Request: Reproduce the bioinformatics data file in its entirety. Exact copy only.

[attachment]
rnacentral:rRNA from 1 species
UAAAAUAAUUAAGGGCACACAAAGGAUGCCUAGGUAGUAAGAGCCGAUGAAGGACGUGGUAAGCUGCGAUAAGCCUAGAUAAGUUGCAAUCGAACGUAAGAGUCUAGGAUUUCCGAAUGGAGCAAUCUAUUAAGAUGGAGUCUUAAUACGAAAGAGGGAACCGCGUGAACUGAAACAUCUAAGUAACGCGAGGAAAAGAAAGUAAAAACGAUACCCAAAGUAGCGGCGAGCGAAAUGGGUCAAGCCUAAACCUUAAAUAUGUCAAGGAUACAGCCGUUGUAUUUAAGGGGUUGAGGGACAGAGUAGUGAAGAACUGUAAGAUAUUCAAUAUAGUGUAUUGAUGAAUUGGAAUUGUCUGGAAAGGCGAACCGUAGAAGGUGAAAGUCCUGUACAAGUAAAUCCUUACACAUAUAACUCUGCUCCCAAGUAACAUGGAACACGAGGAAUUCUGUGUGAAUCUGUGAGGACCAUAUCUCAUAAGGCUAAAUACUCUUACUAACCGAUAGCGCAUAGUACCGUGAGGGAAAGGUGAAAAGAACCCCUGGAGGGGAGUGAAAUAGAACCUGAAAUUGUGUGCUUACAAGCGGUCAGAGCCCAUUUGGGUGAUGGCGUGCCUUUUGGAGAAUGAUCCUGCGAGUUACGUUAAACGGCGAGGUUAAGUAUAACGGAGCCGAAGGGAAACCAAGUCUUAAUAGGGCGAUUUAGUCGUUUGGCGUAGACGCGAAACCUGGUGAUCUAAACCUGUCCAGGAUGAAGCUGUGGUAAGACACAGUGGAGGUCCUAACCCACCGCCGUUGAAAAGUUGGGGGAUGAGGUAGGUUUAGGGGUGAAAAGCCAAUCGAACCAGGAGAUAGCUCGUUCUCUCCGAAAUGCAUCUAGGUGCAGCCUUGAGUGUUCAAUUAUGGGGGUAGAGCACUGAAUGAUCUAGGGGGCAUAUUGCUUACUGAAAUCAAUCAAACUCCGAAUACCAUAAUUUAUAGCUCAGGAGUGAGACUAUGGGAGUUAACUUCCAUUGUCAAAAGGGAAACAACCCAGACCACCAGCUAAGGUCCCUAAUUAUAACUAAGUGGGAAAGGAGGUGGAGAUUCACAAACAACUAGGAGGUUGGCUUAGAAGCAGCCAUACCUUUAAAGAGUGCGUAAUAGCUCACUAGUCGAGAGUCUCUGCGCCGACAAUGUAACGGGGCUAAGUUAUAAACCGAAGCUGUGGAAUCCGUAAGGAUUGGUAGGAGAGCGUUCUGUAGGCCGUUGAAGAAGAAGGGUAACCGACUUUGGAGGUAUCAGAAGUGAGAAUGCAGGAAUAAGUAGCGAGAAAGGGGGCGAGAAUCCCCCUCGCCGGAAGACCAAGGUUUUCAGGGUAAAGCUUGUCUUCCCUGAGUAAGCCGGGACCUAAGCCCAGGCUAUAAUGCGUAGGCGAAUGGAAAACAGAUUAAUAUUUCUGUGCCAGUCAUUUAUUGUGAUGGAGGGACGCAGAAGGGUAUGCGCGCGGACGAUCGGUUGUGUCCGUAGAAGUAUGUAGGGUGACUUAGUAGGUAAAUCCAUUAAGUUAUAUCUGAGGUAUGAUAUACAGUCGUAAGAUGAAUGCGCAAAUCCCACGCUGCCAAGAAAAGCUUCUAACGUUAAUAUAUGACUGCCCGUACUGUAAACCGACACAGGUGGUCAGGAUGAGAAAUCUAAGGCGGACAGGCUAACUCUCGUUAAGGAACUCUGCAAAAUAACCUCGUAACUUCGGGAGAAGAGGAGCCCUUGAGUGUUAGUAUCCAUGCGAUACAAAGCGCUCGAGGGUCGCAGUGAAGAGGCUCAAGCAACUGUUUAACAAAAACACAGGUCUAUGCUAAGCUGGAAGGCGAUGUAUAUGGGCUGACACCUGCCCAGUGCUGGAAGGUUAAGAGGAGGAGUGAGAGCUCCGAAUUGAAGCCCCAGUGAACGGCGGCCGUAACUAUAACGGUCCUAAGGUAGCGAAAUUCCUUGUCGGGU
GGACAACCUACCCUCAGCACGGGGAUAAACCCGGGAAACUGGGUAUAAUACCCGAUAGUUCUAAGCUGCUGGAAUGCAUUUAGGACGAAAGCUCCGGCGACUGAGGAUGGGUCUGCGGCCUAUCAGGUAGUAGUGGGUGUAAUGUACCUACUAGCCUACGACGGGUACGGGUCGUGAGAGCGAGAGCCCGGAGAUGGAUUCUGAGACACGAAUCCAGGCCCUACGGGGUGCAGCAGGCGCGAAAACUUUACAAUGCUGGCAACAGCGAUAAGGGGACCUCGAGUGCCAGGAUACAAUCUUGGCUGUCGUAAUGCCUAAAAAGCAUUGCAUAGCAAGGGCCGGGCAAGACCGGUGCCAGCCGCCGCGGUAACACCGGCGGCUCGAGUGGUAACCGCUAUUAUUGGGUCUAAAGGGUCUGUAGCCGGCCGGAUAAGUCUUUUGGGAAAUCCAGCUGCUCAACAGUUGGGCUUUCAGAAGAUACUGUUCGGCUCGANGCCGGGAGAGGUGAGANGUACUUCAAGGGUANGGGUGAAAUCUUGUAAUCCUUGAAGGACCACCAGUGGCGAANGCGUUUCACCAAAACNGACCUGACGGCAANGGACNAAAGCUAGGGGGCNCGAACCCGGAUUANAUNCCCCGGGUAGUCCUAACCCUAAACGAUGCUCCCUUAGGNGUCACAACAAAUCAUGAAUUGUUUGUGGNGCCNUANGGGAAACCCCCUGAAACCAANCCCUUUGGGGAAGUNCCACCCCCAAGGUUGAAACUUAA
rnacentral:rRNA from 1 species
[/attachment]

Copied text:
rnacentral:rRNA from 1 species
UAAAAUAAUUAAGGGCACACAAAGGAUGCCUAGGUAGUAAGAGCCGAUGAAGGACGUGGUAAGCUGCGAUAAGCCUAGAUAAGUUGCAAUCGAACGUAAGAGUCUAGGAUUUCCGAAUGGAGCAAUCUAUUAAGAUGGAGUCUUAAUACGAAAGAGGGAACCGCGUGAACUGAAACAUCUAAGUAACGCGAGGAAAAGAAAGUAAAAACGAUACCCAAAGUAGCGGCGAGCGAAAUGGGUCAAGCCUAAACCUUAAAUAUGUCAAGGAUACAGCCGUUGUAUUUAAGGGGUUGAGGGACAGAGUAGUGAAGAACUGUAAGAUAUUCAAUAUAGUGUAUUGAUGAAUUGGAAUUGUCUGGAAAGGCGAACCGUAGAAGGUGAAAGUCCUGUACAAGUAAAUCCUUACACAUAUAACUCUGCUCCCAAGUAACAUGGAACACGAGGAAUUCUGUGUGAAUCUGUGAGGACCAUAUCUCAUAAGGCUAAAUACUCUUACUAACCGAUAGCGCAUAGUACCGUGAGGGAAAGGUGAAAAGAACCCCUGGAGGGGAGUGAAAUAGAACCUGAAAUUGUGUGCUUACAAGCGGUCAGAGCCCAUUUGGGUGAUGGCGUGCCUUUUGGAGAAUGAUCCUGCGAGUUACGUUAAACGGCGAGGUUAAGUAUAACGGAGCCGAAGGGAAACCAAGUCUUAAUAGGGCGAUUUAGUCGUUUGGCGUAGACGCGAAACCUGGUGAUCUAAACCUGUCCAGGAUGAAGCUGUGGUAAGACACAGUGGAGGUCCUAACCCACCGCCGUUGAAAAGUUGGGGGAUGAGGUAGGUUUAGGGGUGAAAAGCCAAUCGAACCAGGAGAUAGCUCGUUCUCUCCGAAAUGCAUCUAGGUGCAGCCUUGAGUGUUCAAUUAUGGGGGUAGAGCACUGAAUGAUCUAGGGGGCAUAUUGCUUACUGAAAUCAAUCAAACUCCGAAUACCAUAAUUUAUAGCUCAGGAGUGAGACUAUGGGAGUUAACUUCCAUUGUCAAAAGGGAAACAACCCAGACCACCAGCUAAGGUCCCUAAUUAUAACUAAGUGGGAAAGGAGGUGGAGAUUCACAAACAACUAGGAGGUUGGCUUAGAAGCAGCCAUACCUUUAAAGAGUGCGUAAUAGCUCACUAGUCGAGAGUCUCUGCGCCGACAAUGUAACGGGGCUAAGUUAUAAACCGAAGCUGUGGAAUCCGUAAGGAUUGGUAGGAGAGCGUUCUGUAGGCCGUUGAAGAAGAAGGGUAACCGACUUUGGAGGUAUCAGAAGUGAGAAUGCAGGAAUAAGUAGCGAGAAAGGGGGCGAGAAUCCCCCUCGCCGGAAGACCAAGGUUUUCAGGGUAAAGCUUGUCUUCCCUGAGUAAGCCGGGACCUAAGCCCAGGCUAUAAUGCGUAGGCGAAUGGAAAACAGAUUAAUAUUUCUGUGCCAGUCAUUUAUUGUGAUGGAGGGACGCAGAAGGGUAUGCGCGCGGACGAUCGGUUGUGUCCGUAGAAGUAUGUAGGGUGACUUAGUAGGUAAAUCCAUUAAGUUAUAUCUGAGGUAUGAUAUACAGUCGUAAGAUGAAUGCGCAAAUCCCACGCUGCCAAGAAAAGCUUCUAACGUUAAUAUAUGACUGCCCGUACUGUAAACCGACACAGGUGGUCAGGAUGAGAAAUCUAAGGCGGACAGGCUAACUCUCGUUAAGGAACUCUGCAAAAUAACCUCGUAACUUCGGGAGAAGAGGAGCCCUUGAGUGUUAGUAUCCAUGCGAUACAAAGCGCUCGAGGGUCGCAGUGAAGAGGCUCAAGCAACUGUUUAACAAAAACACAGGUCUAUGCUAAGCUGGAAGGCGAUGUAUAUGGGCUGACACCUGCCCAGUGCUGGAAGGUUAAGAGGAGGAGUGAGAGCUCCGAAUUGAAGCCCCAGUGAACGGCGGCCGUAACUAUAACGGUCCUAAGGUAGCGAAAUUCCUUGUCGGGU
GGACAACCUACCCUCAGCACGGGGAUAAACCCGGGAAACUGGGUAUAAUACCCGAUAGUUCUAAGCUGCUGGAAUGCAUUUAGGACGAAAGCUCCGGCGACUGAGGAUGGGUCUGCGGCCUAUCAGGUAGUAGUGGGUGUAAUGUACCUACUAGCCUACGACGGGUACGGGUCGUGAGAGCGAGAGCCCGGAGAUGGAUUCUGAGACACGAAUCCAGGCCCUACGGGGUGCAGCAGGCGCGAAAACUUUACAAUGCUGGCAACAGCGAUAAGGGGACCUCGAGUGCCAGGAUACAAUCUUGGCUGUCGUAAUGCCUAAAAAGCAUUGCAUAGCAAGGGCCGGGCAAGACCGGUGCCAGCCGCCGCGGUAACACCGGCGGCUCGAGUGGUAACCGCUAUUAUUGGGUCUAAAGGGUCUGUAGCCGGCCGGAUAAGUCUUUUGGGAAAUCCAGCUGCUCAACAGUUGGGCUUUCAGAAGAUACUGUUCGGCUCGANGCCGGGAGAGGUGAGANGUACUUCAAGGGUANGGGUGAAAUCUUGUAAUCCUUGAAGGACCACCAGUGGCGAANGCGUUUCACCAAAACNGACCUGACGGCAANGGACNAAAGCUAGGGGGCNCGAACCCGGAUUANAUNCCCCGGGUAGUCCUAACCCUAAACGAUGCUCCCUUAGGNGUCACAACAAAUCAUGAAUUGUUUGUGGNGCCNUANGGGAAACCCCCUGAAACCAANCCCUUUGGGGAAGUNCCACCCCCAAGGUUGAAACUUAA
rnacentral:rRNA from 1 species